But I love the excitement of finding places I did not know existed in my hometown, so I had a feeling of anticipation as I headed back south on Highway 153 and exited at Jersey Pike.
The first place I went was west on Colonial Drive off North Moore Road not far from Brainerd Road. Once it becomes Chickasaw Road and at the intersection of Sequoia Drive, I found about a 20-yards-in-diameter grass circle that is like a roundabout, and then at the next intersection with Shawnee Trail is another grass park – also with a small number of trees.
No signs identified what they were, but an online map said the one at Sequoia is called Hiawatha Park, while the other one is Minnehaha Park.
They were neat, and no doubt a creative pre-World War II developer came up with that to give small buffers in this neighborhood development at a time when many cities named streets after Native American cultures.
Who would not like to stop there and have a picnic on the grass sometime! It seems like the number of passing cars would be minimal.
I then eventually got back on Old Mission Road via North Moore Road a little closer to Brainerd Road and continued west until I again found Shawnee Trail. I had seen on a map where it looked like some green space and maybe one house was there, so I wanted to see it.
However, I could not believe what I saw. By the intersection with North Sweetbriar Avenue and on about a five-acre tract – in this area of town where several home lots fill up an acre – was a giant, two-story stucco style home from about the 1920s. Beside it was a large garage building of the same architectural style.
The home was situated on a nice estate lot with some old trees, and it at one time looked like a fine showplace.
But to say this piece of property is a fixer upper at this time might be a compliment.
I don’t know the situation and if the house is salvageable and the owner would ever want to sell, but it might make a neat greenway/meeting space like Heritage Park in East Brainerd or the McCoy homeplace on Signal Mountain. The land around it could easily be converted into a nice greenway walking area.
It sits in an area where its back right corner is not far from the fields behind the former Brainerd Junior High/21st Century School, so maybe a connecting greenway could be developed here.
I then crossed back over North Moore Road on Old Mission Road to find another park but decided to drive around the far edge of Brainerd Golf Course past the clubhouse and saw a nice little wooded plot of about an acre or two that said Pine Lawn Community on it.
In another area that has a lot of mostly modest homes on small lots, this is a nice little place of respite or at least appealing visual aesthetics for those who live within a couple hundred yards of it. How about a picnic in the grass here, too!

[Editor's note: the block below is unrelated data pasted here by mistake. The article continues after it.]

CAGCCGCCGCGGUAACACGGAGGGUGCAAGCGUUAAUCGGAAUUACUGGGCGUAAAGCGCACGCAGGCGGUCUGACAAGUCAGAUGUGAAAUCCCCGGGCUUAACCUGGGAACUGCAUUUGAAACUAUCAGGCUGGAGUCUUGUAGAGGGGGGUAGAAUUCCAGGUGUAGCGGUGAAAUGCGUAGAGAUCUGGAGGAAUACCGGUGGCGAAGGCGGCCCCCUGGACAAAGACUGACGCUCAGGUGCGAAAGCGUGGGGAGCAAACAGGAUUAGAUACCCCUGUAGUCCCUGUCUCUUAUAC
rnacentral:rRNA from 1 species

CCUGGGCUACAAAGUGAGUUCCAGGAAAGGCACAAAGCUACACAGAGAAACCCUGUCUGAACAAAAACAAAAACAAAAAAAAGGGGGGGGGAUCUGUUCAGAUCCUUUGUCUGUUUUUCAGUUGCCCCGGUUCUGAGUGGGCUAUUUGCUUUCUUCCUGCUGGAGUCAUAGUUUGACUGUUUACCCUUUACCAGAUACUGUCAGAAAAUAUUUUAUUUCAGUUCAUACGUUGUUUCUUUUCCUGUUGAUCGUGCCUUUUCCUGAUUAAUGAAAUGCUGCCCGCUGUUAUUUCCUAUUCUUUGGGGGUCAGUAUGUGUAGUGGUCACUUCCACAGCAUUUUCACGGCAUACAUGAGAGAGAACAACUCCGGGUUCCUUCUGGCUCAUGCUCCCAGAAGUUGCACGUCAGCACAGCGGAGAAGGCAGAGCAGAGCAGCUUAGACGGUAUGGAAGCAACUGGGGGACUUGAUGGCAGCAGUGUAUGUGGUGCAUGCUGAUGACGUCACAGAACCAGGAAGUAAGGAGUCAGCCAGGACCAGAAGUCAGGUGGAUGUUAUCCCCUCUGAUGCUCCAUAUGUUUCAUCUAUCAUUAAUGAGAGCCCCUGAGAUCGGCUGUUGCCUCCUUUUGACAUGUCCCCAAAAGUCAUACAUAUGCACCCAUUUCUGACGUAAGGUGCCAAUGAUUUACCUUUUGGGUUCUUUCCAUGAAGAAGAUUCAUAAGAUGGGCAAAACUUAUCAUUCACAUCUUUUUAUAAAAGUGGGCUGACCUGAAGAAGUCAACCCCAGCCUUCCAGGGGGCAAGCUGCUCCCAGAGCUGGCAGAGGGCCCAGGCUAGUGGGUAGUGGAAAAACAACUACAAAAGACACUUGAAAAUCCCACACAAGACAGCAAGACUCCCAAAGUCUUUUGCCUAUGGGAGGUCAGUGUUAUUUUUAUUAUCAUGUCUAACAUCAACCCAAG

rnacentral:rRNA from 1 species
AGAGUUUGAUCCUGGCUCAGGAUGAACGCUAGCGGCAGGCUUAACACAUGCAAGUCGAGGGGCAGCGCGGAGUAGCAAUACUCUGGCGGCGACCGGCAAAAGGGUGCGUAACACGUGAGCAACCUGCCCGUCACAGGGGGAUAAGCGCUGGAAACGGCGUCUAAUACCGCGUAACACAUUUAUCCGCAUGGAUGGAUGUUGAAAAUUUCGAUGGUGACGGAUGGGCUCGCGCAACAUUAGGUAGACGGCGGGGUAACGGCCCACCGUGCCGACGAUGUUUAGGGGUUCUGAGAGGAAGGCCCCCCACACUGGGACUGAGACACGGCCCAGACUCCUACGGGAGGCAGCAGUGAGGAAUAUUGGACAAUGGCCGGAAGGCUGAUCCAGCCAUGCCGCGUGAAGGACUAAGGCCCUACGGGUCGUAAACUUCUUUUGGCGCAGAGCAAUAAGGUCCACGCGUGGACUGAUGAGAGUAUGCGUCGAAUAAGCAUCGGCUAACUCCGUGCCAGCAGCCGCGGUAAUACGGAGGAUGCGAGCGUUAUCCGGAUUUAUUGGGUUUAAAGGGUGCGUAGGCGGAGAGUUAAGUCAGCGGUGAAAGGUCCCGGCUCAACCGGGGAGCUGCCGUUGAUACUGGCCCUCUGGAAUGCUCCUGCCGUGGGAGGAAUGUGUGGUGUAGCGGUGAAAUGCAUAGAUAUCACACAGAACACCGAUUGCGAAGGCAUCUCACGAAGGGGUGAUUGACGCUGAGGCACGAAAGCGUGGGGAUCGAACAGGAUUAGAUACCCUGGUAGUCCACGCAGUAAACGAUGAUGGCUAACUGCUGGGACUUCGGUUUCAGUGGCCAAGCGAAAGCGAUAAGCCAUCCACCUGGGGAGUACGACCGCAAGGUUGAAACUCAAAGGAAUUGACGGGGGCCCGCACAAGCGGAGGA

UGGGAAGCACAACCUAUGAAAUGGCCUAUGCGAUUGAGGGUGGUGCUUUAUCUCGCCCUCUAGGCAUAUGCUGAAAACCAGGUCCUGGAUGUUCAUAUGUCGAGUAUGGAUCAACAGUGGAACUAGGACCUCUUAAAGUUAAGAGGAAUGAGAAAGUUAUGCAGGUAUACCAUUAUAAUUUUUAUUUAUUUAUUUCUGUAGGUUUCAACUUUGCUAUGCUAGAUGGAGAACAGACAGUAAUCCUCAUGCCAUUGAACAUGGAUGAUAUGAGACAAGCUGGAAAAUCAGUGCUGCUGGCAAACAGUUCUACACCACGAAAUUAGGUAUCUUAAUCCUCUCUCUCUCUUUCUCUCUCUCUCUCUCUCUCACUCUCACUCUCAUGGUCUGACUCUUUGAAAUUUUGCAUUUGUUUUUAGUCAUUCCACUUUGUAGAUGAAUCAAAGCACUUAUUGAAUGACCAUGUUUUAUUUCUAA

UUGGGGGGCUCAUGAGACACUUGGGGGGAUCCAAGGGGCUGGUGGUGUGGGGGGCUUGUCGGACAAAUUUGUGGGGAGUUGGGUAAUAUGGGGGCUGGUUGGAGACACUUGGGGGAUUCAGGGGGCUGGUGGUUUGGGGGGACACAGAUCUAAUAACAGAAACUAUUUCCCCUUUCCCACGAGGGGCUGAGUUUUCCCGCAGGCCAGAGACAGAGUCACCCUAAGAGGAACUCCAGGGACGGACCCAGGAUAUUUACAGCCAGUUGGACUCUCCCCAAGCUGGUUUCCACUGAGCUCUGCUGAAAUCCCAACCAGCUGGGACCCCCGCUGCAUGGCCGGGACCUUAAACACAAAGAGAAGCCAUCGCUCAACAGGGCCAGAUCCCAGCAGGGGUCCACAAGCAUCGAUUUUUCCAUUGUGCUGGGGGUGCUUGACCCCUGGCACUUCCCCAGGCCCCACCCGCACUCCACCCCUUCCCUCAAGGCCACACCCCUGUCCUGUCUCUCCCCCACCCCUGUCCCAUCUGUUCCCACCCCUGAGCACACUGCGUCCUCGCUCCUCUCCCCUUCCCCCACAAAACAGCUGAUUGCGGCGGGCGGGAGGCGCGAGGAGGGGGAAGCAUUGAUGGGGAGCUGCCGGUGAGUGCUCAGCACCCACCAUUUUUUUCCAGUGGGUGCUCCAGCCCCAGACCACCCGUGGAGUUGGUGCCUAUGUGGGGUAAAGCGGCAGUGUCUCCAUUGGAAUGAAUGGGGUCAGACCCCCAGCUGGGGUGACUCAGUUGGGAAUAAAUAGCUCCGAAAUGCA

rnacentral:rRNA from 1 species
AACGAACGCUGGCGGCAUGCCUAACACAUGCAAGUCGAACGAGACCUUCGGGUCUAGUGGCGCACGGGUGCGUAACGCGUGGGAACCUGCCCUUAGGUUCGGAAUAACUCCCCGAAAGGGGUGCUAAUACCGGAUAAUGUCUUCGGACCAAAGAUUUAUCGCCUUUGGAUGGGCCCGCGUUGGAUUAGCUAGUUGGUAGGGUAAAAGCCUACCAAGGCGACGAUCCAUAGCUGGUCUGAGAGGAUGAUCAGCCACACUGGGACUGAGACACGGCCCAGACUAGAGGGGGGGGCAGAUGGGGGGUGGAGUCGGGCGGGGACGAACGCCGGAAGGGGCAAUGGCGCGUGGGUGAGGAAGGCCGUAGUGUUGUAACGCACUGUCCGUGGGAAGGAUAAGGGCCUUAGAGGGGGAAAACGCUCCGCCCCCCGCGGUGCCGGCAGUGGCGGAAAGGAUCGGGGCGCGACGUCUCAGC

I then got back on Old Mission Road and turned left on Tacoa Avenue past the clubhouse and the triangle island I had seen the day before. I went a couple of blocks more and saw another nice little park of probably more like five acres.
I had originally thought it was called Brainerd Community Park, but a city parks sign called it Tacoa Park. It was neat. It has an asphalt walking circle, some currently closed playground equipment, a pavilion and picnic area, some nice old oak trees on one side, and a field in the middle with some wildflowers blooming.
What a great resource to those who live within a mile or so of it? And to think I had never seen this park before, despite having driven down Brainerd Road just 100 or so yards south countless times.
I then worked my way over to Kenwood Street across North Moore Road in the same general distance from Brainerd Road and headed west until it intersected with Kenwood Circle a few yards northeast of Brainerd United Methodist Church.
Here I found two chunks of grass about 50 yards by 25 yards each with nothing but grass covering them. I am not sure if this is actual park space or is privately owned or is part of the community, but to say it needed a little landscaping is an understatement.
However, I was just happy to see some obviously well planned green space on what at one time was no doubt land in demand for houses. I would encourage whomever to make it more park like, though.
But I could not help but think of all the kids who no doubt have likely played some kind of informal ball on it over the years. I know I would if I had grown up near there, and I might even enjoy jogging a little on it these days.
Happy to see all this grass and trees, even in small places – and thinking about all the undeveloped places off North Moore Road between Brainerd High and First Cumberland – I finally began heading back toward home.
But not before I got on Talley Road off Brainerd Road a little west of where I had been and began driving toward Shallowford Road. There, just a few hundred yards in and past several simply gorgeous 1920s homes originally built for middle-class or upper middle-class families, I came upon a sloping island/median that is about 100 yards long and no more than 15 or 20 yards wide at its widest point.
And in contrast to the place on Kenwood Circle, this one was well landscaped with trees and bushes, including a blooming redbud tree.
Like all these other mini-parks, it is a nice alternative to just seeing more houses and backyards. And it no doubt has been a godsend to nearby residents.
It definitely was to this visitor from another part of town, too, especially at this time of worldwide concern.
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To see the previous story in this series, read here.